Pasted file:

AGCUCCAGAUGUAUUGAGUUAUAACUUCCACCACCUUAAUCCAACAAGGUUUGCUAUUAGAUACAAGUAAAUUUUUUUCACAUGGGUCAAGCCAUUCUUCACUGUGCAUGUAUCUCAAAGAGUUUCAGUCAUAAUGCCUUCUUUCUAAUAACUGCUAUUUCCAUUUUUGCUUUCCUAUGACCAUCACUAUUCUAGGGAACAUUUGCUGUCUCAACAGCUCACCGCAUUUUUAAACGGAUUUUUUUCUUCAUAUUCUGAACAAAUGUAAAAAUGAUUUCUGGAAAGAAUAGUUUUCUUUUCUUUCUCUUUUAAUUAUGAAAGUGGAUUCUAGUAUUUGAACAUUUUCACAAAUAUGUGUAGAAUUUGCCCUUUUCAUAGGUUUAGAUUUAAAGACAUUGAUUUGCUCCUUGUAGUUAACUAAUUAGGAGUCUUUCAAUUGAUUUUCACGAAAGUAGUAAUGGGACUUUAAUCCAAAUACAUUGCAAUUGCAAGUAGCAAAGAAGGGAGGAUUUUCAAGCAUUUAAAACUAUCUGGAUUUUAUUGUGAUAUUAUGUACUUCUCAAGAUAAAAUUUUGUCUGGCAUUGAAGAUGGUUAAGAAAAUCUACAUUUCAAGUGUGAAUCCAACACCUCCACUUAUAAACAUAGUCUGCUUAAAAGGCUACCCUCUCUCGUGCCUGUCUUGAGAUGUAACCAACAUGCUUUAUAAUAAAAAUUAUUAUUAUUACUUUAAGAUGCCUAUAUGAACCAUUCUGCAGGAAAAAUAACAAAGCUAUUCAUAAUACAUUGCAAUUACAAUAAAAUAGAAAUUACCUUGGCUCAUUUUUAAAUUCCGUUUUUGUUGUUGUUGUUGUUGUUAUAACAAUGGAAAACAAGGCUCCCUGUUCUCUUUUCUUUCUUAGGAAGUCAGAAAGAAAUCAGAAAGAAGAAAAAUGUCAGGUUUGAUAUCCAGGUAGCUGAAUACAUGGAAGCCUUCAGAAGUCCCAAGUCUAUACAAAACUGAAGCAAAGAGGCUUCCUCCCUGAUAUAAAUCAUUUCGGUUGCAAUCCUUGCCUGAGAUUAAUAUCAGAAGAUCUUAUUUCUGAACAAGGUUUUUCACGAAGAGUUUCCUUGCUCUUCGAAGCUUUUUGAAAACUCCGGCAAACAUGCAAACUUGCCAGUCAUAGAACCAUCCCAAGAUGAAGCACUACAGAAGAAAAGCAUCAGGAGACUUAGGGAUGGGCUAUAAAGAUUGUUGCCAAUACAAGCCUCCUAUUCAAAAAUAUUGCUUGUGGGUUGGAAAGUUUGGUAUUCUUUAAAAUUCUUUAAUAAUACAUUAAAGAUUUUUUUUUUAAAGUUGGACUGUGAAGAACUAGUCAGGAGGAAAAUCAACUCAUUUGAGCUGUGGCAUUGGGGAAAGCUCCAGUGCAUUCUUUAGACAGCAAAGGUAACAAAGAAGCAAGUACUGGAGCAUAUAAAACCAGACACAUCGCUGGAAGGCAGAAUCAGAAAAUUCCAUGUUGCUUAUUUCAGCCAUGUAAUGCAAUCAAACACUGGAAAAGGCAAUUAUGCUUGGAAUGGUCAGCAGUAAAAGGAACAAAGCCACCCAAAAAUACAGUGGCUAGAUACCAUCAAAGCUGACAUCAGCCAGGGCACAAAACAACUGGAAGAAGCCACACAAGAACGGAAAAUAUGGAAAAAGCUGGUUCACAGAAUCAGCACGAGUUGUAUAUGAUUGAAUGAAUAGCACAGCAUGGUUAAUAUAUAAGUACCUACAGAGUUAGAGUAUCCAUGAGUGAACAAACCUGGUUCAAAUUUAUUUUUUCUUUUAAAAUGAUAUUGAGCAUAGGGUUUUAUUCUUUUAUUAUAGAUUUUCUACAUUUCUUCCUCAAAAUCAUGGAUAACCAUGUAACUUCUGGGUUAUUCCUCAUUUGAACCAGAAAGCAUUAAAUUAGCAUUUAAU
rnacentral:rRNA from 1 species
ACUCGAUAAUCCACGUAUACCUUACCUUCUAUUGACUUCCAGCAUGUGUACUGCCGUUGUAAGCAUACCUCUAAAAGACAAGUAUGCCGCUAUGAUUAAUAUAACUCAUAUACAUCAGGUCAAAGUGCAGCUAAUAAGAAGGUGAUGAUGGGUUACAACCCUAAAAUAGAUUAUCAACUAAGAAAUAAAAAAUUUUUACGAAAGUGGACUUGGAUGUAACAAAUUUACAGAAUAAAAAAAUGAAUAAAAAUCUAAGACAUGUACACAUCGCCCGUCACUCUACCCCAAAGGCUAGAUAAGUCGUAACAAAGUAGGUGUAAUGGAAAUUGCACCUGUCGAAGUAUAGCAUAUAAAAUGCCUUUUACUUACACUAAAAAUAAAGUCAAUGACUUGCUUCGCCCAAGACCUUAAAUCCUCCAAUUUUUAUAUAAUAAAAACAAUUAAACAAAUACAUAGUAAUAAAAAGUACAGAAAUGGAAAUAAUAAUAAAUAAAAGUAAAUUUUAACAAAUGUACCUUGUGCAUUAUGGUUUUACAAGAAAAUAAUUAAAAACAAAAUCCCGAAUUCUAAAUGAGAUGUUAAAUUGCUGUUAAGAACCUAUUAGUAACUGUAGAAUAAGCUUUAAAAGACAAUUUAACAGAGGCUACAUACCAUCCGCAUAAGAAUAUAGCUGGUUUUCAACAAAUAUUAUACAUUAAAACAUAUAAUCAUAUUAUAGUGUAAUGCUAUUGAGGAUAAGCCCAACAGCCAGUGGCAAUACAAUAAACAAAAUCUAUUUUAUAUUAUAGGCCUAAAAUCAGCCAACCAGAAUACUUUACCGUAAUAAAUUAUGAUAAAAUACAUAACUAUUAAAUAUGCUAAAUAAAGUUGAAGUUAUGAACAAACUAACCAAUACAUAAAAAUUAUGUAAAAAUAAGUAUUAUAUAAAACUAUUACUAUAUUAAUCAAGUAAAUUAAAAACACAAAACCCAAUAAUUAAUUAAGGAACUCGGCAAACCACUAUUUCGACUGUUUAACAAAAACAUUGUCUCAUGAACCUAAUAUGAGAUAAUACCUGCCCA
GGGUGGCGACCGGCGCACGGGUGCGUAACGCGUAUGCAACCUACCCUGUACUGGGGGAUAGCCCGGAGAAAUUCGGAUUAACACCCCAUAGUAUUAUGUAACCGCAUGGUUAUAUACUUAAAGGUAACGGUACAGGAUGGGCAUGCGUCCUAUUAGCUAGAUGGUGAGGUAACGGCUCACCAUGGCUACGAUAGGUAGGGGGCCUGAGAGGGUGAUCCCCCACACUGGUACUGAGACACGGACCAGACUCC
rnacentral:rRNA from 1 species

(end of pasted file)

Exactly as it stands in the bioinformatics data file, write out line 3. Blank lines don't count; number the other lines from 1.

ACUCGAUAAUCCACGUAUACCUUACCUUCUAUUGACUUCCAGCAUGUGUACUGCCGUUGUAAGCAUACCUCUAAAAGACAAGUAUGCCGCUAUGAUUAAUAUAACUCAUAUACAUCAGGUCAAAGUGCAGCUAAUAAGAAGGUGAUGAUGGGUUACAACCCUAAAAUAGAUUAUCAACUAAGAAAUAAAAAAUUUUUACGAAAGUGGACUUGGAUGUAACAAAUUUACAGAAUAAAAAAAUGAAUAAAAAUCUAAGACAUGUACACAUCGCCCGUCACUCUACCCCAAAGGCUAGAUAAGUCGUAACAAAGUAGGUGUAAUGGAAAUUGCACCUGUCGAAGUAUAGCAUAUAAAAUGCCUUUUACUUACACUAAAAAUAAAGUCAAUGACUUGCUUCGCCCAAGACCUUAAAUCCUCCAAUUUUUAUAUAAUAAAAACAAUUAAACAAAUACAUAGUAAUAAAAAGUACAGAAAUGGAAAUAAUAAUAAAUAAAAGUAAAUUUUAACAAAUGUACCUUGUGCAUUAUGGUUUUACAAGAAAAUAAUUAAAAACAAAAUCCCGAAUUCUAAAUGAGAUGUUAAAUUGCUGUUAAGAACCUAUUAGUAACUGUAGAAUAAGCUUUAAAAGACAAUUUAACAGAGGCUACAUACCAUCCGCAUAAGAAUAUAGCUGGUUUUCAACAAAUAUUAUACAUUAAAACAUAUAAUCAUAUUAUAGUGUAAUGCUAUUGAGGAUAAGCCCAACAGCCAGUGGCAAUACAAUAAACAAAAUCUAUUUUAUAUUAUAGGCCUAAAAUCAGCCAACCAGAAUACUUUACCGUAAUAAAUUAUGAUAAAAUACAUAACUAUUAAAUAUGCUAAAUAAAGUUGAAGUUAUGAACAAACUAACCAAUACAUAAAAAUUAUGUAAAAAUAAGUAUUAUAUAAAACUAUUACUAUAUUAAUCAAGUAAAUUAAAAACACAAAACCCAAUAAUUAAUUAAGGAACUCGGCAAACCACUAUUUCGACUGUUUAACAAAAACAUUGUCUCAUGAACCUAAUAUGAGAUAAUACCUGCCCA